In a talk co-organized by the assassinated activist Lokman Slim, former Syrian political prisoner Yassin al-Haj Saleh argues that “the politics of prison” are central to understanding the “politicide” of the Syrian people at the Assad regime’s hands.
In a previously-unpublished interview from 2019, the late Lokman Slim—assassinated last week—and his wife Monika Borgmann discuss living in Hezbollah’s Beirut; their film about Syria’s notorious Tadmor prison; the nature of political violence; and the question of fear.
Lebanon awoke Thursday to the gruesome news that Lokman Slim, an outspoken Hezbollah critic and pillar of civil society, had been assassinated in his car.
A lawyer representing Syrian victims of crimes against humanity in a German court talks to Al-Jumhuriya about the historic importance of the trial; where he thinks it has fallen short; and what it's like to be in the room while victims confront their former torturers.
A new book by Yasser Munif conceives of the Syrian revolution and later war as nothing less than a battle for life itself against a vast state-operated machinery of death.
The “crisis of Islam” lies not only in the violent extremist minority, but in a more widespread rejection by mainstream Muslims of the principles of equality, tolerance, and free expression, argues Abdul-Wahab Kayyali in response to Farouk Mardam Bey, Ziad Majed, and Yassin al-Haj Saleh.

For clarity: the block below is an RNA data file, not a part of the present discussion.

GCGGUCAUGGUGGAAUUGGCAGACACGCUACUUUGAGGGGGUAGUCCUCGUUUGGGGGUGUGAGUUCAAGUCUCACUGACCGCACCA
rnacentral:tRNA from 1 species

President Macron isn't wrong to say Islam is in "crisis," but the crisis cannot be separated from the tyranny and violence inflicted on Syria, Iraq, and elsewhere in recent years, argue Farouk Mardam Bey, Ziad Majed, and Yassin al-Haj Saleh.
Recent court testimony by a Syrian regime “gravedigger” reveals an organized, bureaucratic mass murder machine on a scale larger than previously understood.
When a new “Progressive International” invited Syria’s Yassin al-Haj Saleh to join, he was happy to accept. When he then submitted this letter for their publication, they ceased contacting him without explanation.
Is it time to leave Lebanon? The question, posed with renewed urgency after Beirut’s port explosion, is as old as the country itself, writes Dr. Sara Mourad, who returned in 2016 after seven years abroad.
The famine looming today in Syria is caused not by a lack of food, but by policies consciously adopted by the Assad regime for many years, argues Yassin al-Haj Saleh.
For fifty years, the Assad regime has stripped Syria’s parliament of both de facto and de jure powers. This month’s “elections” marked a further decline in the already-negligible relevance of the institution.